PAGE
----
Wolf-whistling, catcalling and acts such as “upskirting” should be treated as hate crimes, an MP is set to argue.
Labour’s Melanie Onn says a change in the law would give women the confidence to report unwanted behaviour in public.
She also wants a Nottinghamshire Police pilot, which treated misogynistic acts towards women as hate crimes, to be rolled out nationwide.
The Ministry of Justice says upskirting is currently covered by alternative avenues of prosecution.
The shadow housing minister will use her speech in the Westminster Hall debate on Wednesday to encourage ministers to turn the Nottinghamshire Police pilot into a nationwide scheme.
Ahead of the debate, Ms Onn told the Grimsby Telegraph: “I’ve been told by police that women don’t necessarily report these incidents, such as men standing far too close to them on public transport.”
She also said it could include “someone who catcalls a woman in the street or follows a woman out of a shop to chat them up when it is unwanted… this change would give women the confidence to report these things”.
“These things might be considered ‘banter’ or flirtatious but, if they are received as unwelcome in the way it is delivered, then it can be tantamount to harassment, even in a one-off case.”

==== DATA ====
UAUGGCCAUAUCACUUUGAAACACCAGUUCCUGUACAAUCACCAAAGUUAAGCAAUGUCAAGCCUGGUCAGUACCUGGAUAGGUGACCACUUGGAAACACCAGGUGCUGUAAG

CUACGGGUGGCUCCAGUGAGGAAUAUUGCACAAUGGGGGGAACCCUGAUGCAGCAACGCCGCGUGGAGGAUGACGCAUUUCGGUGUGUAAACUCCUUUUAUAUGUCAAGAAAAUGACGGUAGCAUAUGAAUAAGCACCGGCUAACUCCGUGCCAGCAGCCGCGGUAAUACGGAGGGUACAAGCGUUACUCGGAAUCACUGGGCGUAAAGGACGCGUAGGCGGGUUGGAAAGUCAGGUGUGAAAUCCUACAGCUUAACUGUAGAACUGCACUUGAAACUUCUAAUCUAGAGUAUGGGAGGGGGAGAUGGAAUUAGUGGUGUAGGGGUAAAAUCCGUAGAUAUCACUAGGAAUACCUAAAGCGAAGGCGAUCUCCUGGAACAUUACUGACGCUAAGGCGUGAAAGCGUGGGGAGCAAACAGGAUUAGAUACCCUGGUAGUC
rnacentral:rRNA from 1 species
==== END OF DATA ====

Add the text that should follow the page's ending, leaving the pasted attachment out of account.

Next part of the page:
Ms Onn said Nottinghamshire Police’s pilot had found men who carried out more serious sexual assaults “took part in this kind of low-level targeting or harassment of women”.
It defined misogyny hate crime as “behaviour targeted towards a woman by men simply because they are a woman”.
In the first eight months of the scheme in 2016, 79 misogynistic acts were recorded, with 31 of them marked as hate crimes.
Ms Onn dismissed suggestions that a change in the law would be heavy-handed, saying: “Why is it wrong to change the law to protect women and why should we be embarrassed to say that this kind of behaviour is unacceptable?
“But I do think such women are in the minority. The situation of people getting that kind of reaction when pushing their kids in a pram seems massively inappropriate. This is a ‘think again’ policy.
“Would a man who does this be happy if it was their sister or mother being a victim of it? They might feel angry that someone treated a woman they know so well as an object.”
The Ministry of Justice says a change in law is not needed because powers to enable prosecutions “already exist”.
Upskirting has been an offence in Scotland since 2010 when it was listed under the broadened definition of voyeurism.
Maria Miller, the Conservative chair of the women and equalities select committee, said more must be done to stop a “horrific crime” and that a stronger legal framework “can help” begin to tackle it.
She said: “Attempting to take a photograph underneath a skirt is a gross violation of privacy and potentially an act of indecency”.